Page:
# Which (dis)similarity index to choose for cluster analysis?

I have data that refer to the number of occurrences of specific variable in samples:

       V1  V2  V3 ...
sample1 0   2   1
sample2 7   1   0
sample3 1   4   1
....


The data refers to the occurrence of genes(V1...) in different genomes (sample1..).

I want to perform a cluster analysis combined with an heat map. I used the function heatmap.2 in the gplot package in R. I used Euclidian distances for calculating the distance among the samples. The clustering algorithm is the default one for the function hclust in R (hclust(d, method = "complete", members = NULL)). However, I am not completely sure it is the right method. Any suggestion on how to choose the right method to calculate the distances among my samples?

EDIT The aim is to describe the distribution of the variables (genes) among the samples (genome), and cluster the samples(genomes) according with the values that each variables assume (meaning, how many specific genes are present)

• You need to describe your variables and state which clustering method you're using. Choice of distance or dissimilarity index tends to be application-specific. May 4, 2015 at 18:27
• @ssdecontrol Thanks for your comment. Please, see my edit. May 4, 2015 at 18:32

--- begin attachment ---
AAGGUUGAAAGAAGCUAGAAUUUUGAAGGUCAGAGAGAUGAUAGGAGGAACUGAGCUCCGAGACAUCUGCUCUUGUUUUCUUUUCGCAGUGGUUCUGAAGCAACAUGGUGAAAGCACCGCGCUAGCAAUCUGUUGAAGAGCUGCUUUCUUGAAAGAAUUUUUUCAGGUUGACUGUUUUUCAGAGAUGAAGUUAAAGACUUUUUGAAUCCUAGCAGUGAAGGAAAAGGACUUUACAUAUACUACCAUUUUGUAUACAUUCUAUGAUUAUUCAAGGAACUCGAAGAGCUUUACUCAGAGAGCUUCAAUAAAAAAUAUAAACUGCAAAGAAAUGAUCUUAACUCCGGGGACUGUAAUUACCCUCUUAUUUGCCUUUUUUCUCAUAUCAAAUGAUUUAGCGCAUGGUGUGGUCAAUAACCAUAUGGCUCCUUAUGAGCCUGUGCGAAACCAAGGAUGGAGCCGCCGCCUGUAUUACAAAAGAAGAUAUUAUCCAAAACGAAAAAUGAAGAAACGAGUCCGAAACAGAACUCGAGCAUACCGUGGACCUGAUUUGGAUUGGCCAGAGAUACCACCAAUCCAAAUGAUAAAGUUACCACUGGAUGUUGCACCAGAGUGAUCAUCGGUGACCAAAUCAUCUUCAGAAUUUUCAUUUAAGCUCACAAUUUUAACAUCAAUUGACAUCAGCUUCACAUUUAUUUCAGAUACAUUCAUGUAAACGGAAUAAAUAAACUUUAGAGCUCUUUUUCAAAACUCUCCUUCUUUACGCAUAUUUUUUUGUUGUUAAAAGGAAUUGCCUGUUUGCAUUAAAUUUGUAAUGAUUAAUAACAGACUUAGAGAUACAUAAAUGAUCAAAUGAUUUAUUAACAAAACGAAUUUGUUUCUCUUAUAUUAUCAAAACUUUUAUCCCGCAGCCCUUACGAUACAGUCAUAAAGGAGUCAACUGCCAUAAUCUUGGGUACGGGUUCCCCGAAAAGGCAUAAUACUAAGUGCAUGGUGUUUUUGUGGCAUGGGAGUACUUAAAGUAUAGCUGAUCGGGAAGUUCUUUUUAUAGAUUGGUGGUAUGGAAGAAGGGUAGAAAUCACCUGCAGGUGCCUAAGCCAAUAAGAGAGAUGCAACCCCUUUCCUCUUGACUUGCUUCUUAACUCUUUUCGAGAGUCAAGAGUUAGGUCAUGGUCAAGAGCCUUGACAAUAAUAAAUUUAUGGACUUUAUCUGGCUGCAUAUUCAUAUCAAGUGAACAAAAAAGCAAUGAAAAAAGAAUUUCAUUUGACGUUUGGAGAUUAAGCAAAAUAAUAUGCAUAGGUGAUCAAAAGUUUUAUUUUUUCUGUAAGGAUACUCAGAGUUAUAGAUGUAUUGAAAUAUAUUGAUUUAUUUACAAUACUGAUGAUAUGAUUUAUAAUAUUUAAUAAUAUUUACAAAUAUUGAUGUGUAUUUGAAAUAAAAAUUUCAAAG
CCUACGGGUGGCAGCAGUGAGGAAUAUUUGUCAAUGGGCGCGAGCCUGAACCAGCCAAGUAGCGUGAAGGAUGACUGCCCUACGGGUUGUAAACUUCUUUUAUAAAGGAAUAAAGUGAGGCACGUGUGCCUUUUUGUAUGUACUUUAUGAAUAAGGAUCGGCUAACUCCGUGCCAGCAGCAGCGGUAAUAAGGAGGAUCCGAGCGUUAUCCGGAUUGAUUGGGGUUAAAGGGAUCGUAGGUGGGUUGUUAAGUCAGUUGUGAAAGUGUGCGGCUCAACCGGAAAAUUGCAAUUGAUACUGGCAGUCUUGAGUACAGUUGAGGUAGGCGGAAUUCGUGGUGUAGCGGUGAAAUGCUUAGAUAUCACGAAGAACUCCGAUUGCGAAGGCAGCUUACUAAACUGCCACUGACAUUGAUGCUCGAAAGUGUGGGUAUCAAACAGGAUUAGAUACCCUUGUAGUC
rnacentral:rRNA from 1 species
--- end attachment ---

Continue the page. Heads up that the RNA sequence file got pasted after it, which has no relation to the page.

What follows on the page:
• Great, I don't have time to add an answer right now but the question is now much more answerable than before, not to mention more helpful to future readers May 4, 2015 at 18:33
• Also, some info that might help you here, here, and maybe here May 4, 2015 at 18:34
• Might you be looking for something like this: immunityageing.com/content/5/1/5/figure/F2?highres=y May 15, 2015 at 13:24

## 1 Answer

How to choose? the right method?

There may be no single right method. If there is, it's whatever best represents similarity /dissimilarity in the domain. Does the euclidian distance actually reflect a biologically meaningful measure of how similar or different these genomes are? I'm no biologist, but perhaps you should compare how many genes are in common... maybe how many are in common out of the total? a jaccard coefficient perhaps?

If none stands out, try two or three and see if they give very different results. If they give the same results, then it's not important which one you use. If they give radically different results then you should worry about it, because it's really important, and figure it out with respect to genetics, not stats/machine learning. If you get pretty much the same results with a few differences, then you should draw conclusions primarily from the results that are consistent across different similarity/distance metrics, and be more cautious about the others.

• Thanks for your answer. Using Jaccard and Euclidian I get different clustering. Do you know any reference I could read to understand when is better to use one and when to use the other? May 5, 2015 at 9:52
• Sorry, I don't. I could google it, but you can just as well. Also, I think it's an issue that a biologist should answer. Take a sample, and run it through a few experts (you included, perhaps) and let them decide following their intuition, which data points they think are similar. Then take their expert decisions and see which distance metric they match best. The purpose of clustering is to do automatically and on a large scale what a human could only do on a small scale. But on a sample, both should match. May 7, 2015 at 14:14